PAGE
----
As any energy manager knows, it's one thing to find energy-saving projects that are worth doing, and quite another to get them implemented.
Over the last three years, EDF Climate Corps fellows have uncovered almost a billion kilowatt hours of potential energy savings, representing $439 million in net operating savings. But our biggest question has always been, "Will the companies move forward with those energy-saving investments after the fellows leave?"
Thankfully, the answer is yes: So far, companies report that they are implementing projects accounting for 86 percent of the savings identified by EDF Climate Corps fellows.
This year, as we looked back on three years of results, we noticed that many of the projects that were implemented first were lighting projects. For example, Hospital Corporation of America will roll out a lighting retrofit program across the organization, and eBay recently upgraded the lighting in a 60,000-square foot building on its San Jose campus. Other companies are employing devices to make sure the lights are on only when people need them: AT&T will install occupancy sensors in its 250 largest central offices, and SunGard is optimizing the lighting timers in its New York City office.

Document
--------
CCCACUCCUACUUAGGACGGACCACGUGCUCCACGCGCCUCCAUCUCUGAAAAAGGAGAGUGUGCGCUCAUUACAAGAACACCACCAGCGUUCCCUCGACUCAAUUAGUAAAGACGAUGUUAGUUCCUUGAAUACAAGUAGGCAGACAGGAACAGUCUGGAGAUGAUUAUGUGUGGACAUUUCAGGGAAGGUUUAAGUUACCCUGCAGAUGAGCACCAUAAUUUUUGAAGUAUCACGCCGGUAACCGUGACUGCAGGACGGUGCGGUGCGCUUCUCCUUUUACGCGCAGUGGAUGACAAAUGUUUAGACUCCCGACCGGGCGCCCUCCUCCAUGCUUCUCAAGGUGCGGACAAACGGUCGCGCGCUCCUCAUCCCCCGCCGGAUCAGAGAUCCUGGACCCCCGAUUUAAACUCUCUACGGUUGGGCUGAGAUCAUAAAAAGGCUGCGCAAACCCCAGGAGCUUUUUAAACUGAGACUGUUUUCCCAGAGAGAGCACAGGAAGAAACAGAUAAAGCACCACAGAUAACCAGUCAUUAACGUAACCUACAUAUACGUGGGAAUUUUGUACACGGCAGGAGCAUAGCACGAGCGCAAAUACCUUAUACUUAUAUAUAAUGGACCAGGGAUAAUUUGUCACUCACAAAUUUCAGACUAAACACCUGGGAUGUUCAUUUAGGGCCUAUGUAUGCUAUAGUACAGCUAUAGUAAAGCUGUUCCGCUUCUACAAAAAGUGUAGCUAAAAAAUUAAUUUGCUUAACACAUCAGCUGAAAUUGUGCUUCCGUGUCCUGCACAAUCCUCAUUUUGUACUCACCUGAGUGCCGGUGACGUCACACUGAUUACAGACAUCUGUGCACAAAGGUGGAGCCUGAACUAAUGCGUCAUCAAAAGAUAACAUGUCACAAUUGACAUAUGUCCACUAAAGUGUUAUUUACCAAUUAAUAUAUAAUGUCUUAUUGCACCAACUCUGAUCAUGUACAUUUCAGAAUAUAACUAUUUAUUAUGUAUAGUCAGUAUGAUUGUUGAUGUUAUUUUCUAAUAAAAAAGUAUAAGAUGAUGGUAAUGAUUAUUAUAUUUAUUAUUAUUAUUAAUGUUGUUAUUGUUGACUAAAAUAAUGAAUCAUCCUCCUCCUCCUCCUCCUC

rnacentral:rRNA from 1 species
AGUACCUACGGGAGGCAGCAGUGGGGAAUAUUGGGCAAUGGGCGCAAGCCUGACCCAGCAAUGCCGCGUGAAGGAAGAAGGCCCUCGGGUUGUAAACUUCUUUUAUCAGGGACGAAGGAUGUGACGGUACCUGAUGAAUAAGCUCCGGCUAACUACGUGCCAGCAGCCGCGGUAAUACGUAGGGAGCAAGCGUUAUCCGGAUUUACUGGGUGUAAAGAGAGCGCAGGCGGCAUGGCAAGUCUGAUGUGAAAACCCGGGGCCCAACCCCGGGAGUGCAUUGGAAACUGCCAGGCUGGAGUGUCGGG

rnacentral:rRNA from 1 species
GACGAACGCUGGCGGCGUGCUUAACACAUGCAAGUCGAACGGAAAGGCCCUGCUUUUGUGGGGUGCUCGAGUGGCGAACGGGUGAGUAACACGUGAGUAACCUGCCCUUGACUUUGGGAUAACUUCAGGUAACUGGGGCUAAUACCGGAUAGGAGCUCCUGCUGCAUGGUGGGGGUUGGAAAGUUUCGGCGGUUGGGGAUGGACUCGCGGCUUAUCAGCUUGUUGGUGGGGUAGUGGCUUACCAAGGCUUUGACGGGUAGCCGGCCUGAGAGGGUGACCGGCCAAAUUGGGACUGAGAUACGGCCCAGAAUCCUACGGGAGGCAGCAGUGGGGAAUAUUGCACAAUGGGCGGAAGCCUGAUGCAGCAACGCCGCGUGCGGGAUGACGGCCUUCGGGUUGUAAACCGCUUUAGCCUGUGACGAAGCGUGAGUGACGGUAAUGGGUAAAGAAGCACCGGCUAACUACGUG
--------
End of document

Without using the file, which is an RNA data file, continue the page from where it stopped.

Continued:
This is no surprise if you've ever looked at the ROI on lighting projects. The upfront costs tend to be relatively low -- zero in the case of delamping or switching timer settings -- so payback time is short. And lighting projects are pretty straightforward to identify. You can often spot ways to cut lighting costs just by walking through a building, and use a $50 light logger to document when the lights are on and don't need to be, as our fellow at AT&T did.
Beyond lighting, EDF Climate Corps companies are also implementing upgrades to HVAC systems, office equipment, and data centers. Eaton is moving forward with an air circulation improvement in a North Carolina plant that could yield an annual electricity reduction of 2.5 million kWh. eBay is currently installing power management software for all of its PCs. And Cisco has raised temperatures in some of its research labs, which could save the company about $1.8 million and 18 million kWh of electricity annually.